There is nothing like middle-of-the-night sleeplessness to make me re-think some of my previous posts. And by “re-think,” I mean writhe in regret. I am talking about this post, where I mused about Lance Armstrong and Tiger Woods, both fallen heroes.
Most of you knew I was talking about my own need for heroes in the flesh, something beyond flawed sports heroes or the rascally Greeks from mythology. (Medea, would you like some Zoloft? How about the maximum dose?)
I hated my Lance/Tiger post for lots of reasons, which I won’t go into now, but I will say that I have been thinking about the real heroes I have known and how they deserve space on my blog ahead of Lance and Tiger.
So, here is my amends post, which I dedicate to one of the most important true heroes in my life.
I give you my former ballet teacher, Denise Brown, who appeared in my life when I most needed a hero.
Salient facts: she survived the Holocaust, she spoke with a French accent, she had beautiful hands, and she used to drive me home from late-night class in her Mercedes while telling me stories about dancing with the Ballet Russe. I had no idea her father died in Auschwitz or that the Nazis killed her first fiance. She never spoke of that.
When I was 14, however, she choreographed a piece called, War, set to music recorded by prisoners in concentration camps. It was the most mournful music I have ever heard. Denise cast me as a recently-arrested mother, who had to hand over her young daughter to Nazi guards, who never appeared on stage. I can still hear those searing Hebrew lyrics in my head. It was the sound of agony. Still, I didn’t know how autobiographical the piece was.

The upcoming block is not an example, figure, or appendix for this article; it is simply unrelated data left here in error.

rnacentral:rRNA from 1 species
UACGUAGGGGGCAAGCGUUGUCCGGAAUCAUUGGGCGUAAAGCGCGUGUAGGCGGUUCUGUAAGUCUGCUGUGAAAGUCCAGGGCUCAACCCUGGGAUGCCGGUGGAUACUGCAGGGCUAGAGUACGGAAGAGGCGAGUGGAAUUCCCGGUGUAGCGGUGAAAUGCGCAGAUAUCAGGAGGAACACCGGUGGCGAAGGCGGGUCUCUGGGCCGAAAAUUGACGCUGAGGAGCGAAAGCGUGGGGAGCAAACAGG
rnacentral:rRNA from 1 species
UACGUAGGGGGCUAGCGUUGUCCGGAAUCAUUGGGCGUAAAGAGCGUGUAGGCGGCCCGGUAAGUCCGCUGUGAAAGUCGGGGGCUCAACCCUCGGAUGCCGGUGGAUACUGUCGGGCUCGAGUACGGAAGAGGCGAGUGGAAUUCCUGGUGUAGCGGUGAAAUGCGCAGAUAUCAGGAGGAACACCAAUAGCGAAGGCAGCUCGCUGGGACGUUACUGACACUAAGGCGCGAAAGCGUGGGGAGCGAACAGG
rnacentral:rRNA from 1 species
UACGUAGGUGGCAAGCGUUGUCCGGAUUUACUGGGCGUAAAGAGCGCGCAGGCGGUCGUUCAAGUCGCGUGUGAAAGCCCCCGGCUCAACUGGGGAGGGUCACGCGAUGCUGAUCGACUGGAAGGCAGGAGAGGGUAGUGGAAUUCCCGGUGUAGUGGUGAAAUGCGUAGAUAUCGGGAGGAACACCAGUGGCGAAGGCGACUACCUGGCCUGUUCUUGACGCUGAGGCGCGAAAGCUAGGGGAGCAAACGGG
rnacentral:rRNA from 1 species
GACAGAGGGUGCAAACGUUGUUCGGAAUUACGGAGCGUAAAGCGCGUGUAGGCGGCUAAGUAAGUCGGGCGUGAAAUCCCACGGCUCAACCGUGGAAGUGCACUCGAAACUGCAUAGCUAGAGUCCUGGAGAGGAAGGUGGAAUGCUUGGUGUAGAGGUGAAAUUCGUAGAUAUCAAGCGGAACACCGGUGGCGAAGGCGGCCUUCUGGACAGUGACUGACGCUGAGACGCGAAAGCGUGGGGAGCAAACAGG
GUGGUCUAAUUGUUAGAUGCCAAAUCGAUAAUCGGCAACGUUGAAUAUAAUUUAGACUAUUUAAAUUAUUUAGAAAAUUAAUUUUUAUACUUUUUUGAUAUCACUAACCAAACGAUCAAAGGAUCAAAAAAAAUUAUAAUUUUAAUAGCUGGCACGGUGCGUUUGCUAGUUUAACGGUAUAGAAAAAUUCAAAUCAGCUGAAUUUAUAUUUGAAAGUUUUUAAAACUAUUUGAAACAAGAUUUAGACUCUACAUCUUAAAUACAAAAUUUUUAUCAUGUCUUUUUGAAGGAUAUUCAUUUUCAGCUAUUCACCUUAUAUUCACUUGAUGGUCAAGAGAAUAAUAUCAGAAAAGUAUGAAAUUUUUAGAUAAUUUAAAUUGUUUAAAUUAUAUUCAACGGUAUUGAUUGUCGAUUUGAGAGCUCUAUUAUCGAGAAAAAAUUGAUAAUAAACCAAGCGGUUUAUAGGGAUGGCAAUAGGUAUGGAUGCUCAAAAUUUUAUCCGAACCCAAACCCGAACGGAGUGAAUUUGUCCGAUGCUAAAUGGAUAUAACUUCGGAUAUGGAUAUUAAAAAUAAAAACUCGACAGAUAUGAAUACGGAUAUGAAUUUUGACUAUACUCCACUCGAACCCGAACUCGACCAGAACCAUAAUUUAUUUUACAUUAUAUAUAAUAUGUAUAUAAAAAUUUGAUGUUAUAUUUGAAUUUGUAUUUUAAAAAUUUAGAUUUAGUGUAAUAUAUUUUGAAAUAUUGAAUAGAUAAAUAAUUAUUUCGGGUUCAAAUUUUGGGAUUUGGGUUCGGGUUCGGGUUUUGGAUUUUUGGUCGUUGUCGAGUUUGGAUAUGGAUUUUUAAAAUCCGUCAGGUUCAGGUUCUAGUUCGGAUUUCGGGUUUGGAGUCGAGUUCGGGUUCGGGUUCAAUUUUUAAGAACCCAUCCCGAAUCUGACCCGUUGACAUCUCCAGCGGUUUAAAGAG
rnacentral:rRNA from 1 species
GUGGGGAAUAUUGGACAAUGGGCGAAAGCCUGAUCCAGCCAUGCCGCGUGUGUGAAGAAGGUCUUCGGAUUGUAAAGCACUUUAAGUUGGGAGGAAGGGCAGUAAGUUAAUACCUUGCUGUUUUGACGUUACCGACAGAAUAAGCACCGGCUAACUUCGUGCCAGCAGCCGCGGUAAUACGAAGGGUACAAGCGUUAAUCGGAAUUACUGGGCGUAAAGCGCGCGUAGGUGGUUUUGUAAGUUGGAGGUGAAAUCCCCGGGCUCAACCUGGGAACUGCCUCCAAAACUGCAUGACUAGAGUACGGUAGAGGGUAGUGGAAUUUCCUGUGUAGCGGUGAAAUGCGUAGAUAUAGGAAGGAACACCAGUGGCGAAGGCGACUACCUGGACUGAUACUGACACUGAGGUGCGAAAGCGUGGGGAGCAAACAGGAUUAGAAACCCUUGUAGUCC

I would have done anything to earn her praise. As a chubby child growing up in an alcoholic home, I was a deeply committed people pleaser– I ached for authority figures to love me and give me approval. Having landed in the care of Denise Brown, I landed in her lap of love. I do not take for granted that I ended up somewhere safe– in the hands of someone sick (see Sandusky), I would have become a victim a thousand times over.
And Denise was no one-dimensional archetype. She wasn’t afraid to disapprove of my bad habit of sticking my tongue out when I concentrated on new steps. She was also opposed to my poofy stomach. Once she recommended that I try the “all egg” diet to lose weight. (That’s the diet where you eat 3 eggs for every meal, and nothing else.)
She wasn’t perfect, but she was so good to me. Once night, I showed up to class crying. Two days before, I had auditioned for the Boston Ballet, and the director refused to process my application because I was “too overweight.” Devastated and ashamed, I couldn’t tell anyone except for Denise how poorly the audition went and how much I hated myself. Because I was too fat. She held me and made it okay to be an aspiring ballerina in a hopelessly fat little body. She did for me what no one else could do– gave me comfort, wiped my tears and inspired me to keep dancing, even though I was fat and felt like nobody loved me.
History made Denise a hero long before I was ever born. Before she passed away, I wrote her a letter and told her what her love meant to me during the 12 years I danced with her. I closed the letter by saying that I hope my children find teachers like her, though, honestly, I hope they don’t need her as much as I did. Still, every child deserves a Denise Brown.